Janet Ramin - Whenever I visit the Architectural Digest Home Design Show, I make a beeline for the furniture displays. The AD show has everything a home design addict would love: artwork, furniture, lighting, tabletop displays, kitchen, and bath – so much so that it can be overwhelming. But furniture is the heart of every room, so I love to check out the latest furniture lines from the big, established firms to the new work from the smaller furniture studios.
Just as bold bright colors were the top trends in fashion, brilliant colors were also seen in many furniture designs. The cabinet on a stand – seen above - from Bart Niswonger is a perfect example with its red-hot and yellow colors and floating yellow-green flowers. Made of ash, cherry, and cast urethane, the cabinet provides that pop of color and touch of unexpectedness to any interior. Another whimsical piece is the ball side table. Floating orange urethane tops the table as red balls pop out from its sides.
ThinkFabricate introduced their Not Your Mother’s furniture line - fun, trendy pieces for your home. Below is the Skyline chest of drawers with a pink silhouette of Manhattan’s skyline decorating its front. You can choose other colors and other silhouettes for further customization.
For those who prefer their wood furniture to look like wood, the AD Show also offered incredibly crafted wood pieces. BDDW introduced their Lake bookcase and Lake credenza made from a creamy-looking holly. Tyler Hays designed these pieces in quality hardwoods with hand-rubbed finishes. Their designs would complement any contemporary home.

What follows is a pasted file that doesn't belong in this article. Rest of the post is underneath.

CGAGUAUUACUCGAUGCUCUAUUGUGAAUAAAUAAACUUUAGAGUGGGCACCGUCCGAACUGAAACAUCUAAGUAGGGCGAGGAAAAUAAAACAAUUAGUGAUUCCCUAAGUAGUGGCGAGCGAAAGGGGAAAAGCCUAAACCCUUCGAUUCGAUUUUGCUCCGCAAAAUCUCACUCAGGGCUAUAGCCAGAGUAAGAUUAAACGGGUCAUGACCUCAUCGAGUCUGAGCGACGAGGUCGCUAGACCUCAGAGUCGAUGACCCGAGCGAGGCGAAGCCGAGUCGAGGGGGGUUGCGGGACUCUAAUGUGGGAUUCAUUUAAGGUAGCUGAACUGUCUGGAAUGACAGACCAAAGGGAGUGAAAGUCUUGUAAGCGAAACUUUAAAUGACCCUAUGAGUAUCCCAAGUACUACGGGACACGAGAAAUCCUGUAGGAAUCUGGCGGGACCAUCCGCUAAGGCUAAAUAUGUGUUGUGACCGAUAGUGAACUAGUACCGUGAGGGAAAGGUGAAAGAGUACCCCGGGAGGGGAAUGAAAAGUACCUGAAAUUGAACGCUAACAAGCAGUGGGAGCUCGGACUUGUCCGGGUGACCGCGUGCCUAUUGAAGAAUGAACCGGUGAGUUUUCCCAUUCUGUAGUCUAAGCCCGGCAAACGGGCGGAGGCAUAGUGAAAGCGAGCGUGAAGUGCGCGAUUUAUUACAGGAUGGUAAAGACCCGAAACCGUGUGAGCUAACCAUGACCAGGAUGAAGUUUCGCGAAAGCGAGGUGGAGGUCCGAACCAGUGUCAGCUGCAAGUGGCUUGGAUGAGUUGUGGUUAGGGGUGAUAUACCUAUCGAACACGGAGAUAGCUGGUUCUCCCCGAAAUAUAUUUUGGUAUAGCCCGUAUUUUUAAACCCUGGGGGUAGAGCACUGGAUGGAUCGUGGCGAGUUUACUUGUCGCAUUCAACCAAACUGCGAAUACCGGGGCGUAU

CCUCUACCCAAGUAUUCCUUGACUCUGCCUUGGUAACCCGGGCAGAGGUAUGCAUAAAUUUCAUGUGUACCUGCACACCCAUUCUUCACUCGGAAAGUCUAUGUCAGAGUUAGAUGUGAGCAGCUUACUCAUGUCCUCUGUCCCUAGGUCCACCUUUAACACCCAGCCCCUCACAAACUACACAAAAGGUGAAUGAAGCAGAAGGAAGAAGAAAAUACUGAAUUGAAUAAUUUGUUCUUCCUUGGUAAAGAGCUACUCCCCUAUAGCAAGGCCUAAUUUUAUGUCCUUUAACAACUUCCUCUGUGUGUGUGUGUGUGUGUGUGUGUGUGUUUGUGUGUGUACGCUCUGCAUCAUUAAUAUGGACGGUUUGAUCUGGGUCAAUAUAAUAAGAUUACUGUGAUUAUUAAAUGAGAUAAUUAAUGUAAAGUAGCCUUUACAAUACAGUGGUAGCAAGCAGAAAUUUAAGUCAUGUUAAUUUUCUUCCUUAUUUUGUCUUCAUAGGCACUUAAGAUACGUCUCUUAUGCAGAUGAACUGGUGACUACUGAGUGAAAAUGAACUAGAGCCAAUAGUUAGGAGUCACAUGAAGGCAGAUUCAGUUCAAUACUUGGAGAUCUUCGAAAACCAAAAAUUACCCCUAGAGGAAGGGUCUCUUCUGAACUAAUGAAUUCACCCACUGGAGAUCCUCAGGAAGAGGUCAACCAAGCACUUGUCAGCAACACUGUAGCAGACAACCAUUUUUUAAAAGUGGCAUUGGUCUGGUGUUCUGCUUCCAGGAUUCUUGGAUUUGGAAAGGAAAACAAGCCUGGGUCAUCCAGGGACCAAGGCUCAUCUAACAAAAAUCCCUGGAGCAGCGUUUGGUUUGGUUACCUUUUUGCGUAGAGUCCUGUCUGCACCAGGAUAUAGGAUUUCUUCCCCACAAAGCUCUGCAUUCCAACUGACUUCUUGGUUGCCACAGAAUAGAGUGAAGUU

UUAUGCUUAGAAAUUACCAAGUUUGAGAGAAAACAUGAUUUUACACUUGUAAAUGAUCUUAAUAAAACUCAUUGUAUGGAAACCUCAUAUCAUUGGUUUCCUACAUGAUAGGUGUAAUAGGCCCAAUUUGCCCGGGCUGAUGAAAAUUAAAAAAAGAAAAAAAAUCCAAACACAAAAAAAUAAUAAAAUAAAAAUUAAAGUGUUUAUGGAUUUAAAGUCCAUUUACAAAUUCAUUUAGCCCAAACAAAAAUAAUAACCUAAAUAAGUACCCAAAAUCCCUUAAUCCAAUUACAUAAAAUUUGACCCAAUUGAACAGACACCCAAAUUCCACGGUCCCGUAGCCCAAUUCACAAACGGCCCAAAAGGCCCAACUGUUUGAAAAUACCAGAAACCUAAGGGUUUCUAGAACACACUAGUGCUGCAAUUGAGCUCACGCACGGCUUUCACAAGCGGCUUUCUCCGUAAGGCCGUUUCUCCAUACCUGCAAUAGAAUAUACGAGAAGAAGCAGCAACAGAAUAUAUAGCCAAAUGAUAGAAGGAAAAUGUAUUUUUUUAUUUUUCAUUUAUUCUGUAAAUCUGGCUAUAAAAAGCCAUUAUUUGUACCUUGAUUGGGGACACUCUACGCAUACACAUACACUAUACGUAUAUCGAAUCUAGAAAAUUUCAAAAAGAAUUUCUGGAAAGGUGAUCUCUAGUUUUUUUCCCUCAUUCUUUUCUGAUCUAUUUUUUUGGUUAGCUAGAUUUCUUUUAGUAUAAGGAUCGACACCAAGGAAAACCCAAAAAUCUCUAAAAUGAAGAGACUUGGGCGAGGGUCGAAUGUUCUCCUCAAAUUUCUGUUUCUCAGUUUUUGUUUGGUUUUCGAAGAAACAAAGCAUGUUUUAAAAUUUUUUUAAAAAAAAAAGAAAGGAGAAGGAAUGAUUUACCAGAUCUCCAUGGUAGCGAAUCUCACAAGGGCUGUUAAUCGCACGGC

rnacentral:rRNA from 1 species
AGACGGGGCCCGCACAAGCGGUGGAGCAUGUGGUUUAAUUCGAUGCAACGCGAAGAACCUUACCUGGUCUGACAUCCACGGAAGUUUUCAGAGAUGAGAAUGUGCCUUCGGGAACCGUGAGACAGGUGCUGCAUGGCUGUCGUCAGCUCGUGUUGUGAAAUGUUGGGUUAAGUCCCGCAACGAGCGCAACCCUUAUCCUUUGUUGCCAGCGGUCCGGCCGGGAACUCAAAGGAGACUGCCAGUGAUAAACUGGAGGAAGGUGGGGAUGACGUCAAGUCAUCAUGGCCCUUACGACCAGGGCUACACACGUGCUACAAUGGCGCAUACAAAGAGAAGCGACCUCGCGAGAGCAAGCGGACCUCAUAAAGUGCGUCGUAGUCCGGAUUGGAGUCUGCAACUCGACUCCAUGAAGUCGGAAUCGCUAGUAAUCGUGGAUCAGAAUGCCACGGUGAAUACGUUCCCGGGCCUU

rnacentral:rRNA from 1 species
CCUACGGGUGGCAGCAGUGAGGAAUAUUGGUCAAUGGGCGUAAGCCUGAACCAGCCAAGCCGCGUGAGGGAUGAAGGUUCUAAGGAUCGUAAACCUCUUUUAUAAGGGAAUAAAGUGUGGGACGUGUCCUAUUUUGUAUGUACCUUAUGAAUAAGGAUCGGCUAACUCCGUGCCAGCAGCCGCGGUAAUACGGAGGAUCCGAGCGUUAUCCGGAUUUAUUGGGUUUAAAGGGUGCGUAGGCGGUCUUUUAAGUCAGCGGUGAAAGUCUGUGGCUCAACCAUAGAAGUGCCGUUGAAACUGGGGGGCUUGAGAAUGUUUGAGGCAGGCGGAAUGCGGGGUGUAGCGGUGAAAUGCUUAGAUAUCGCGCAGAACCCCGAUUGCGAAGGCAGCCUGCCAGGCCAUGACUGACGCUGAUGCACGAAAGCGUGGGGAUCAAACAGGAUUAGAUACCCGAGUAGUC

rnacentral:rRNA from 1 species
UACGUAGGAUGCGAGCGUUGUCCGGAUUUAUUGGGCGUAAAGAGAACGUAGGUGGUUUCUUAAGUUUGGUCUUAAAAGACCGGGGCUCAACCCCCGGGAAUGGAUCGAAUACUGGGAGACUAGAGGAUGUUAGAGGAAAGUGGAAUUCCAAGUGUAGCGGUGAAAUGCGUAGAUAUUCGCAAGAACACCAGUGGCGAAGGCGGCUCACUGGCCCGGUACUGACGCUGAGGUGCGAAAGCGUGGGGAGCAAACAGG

Patrick Weder also designs with quality woods and a very artistic flair. His credenza is a combination of walnut body and concrete top and highlights the natural grain flow of specially selected woods. The concrete top (sometimes it’s built with Corian) provides a very practical touch – easier to clean up spills!
For more beautiful furniture, check out the Architectural Digest Home Design Show next year.
This article courtesy of Sheffield School. Interested in learning more about furniture? Take a look at Sheffield School's Complete Course in Interior Design. At Sheffield, you will learn how to transform a space, create color schemes, and select furniture, lighting, and accessories.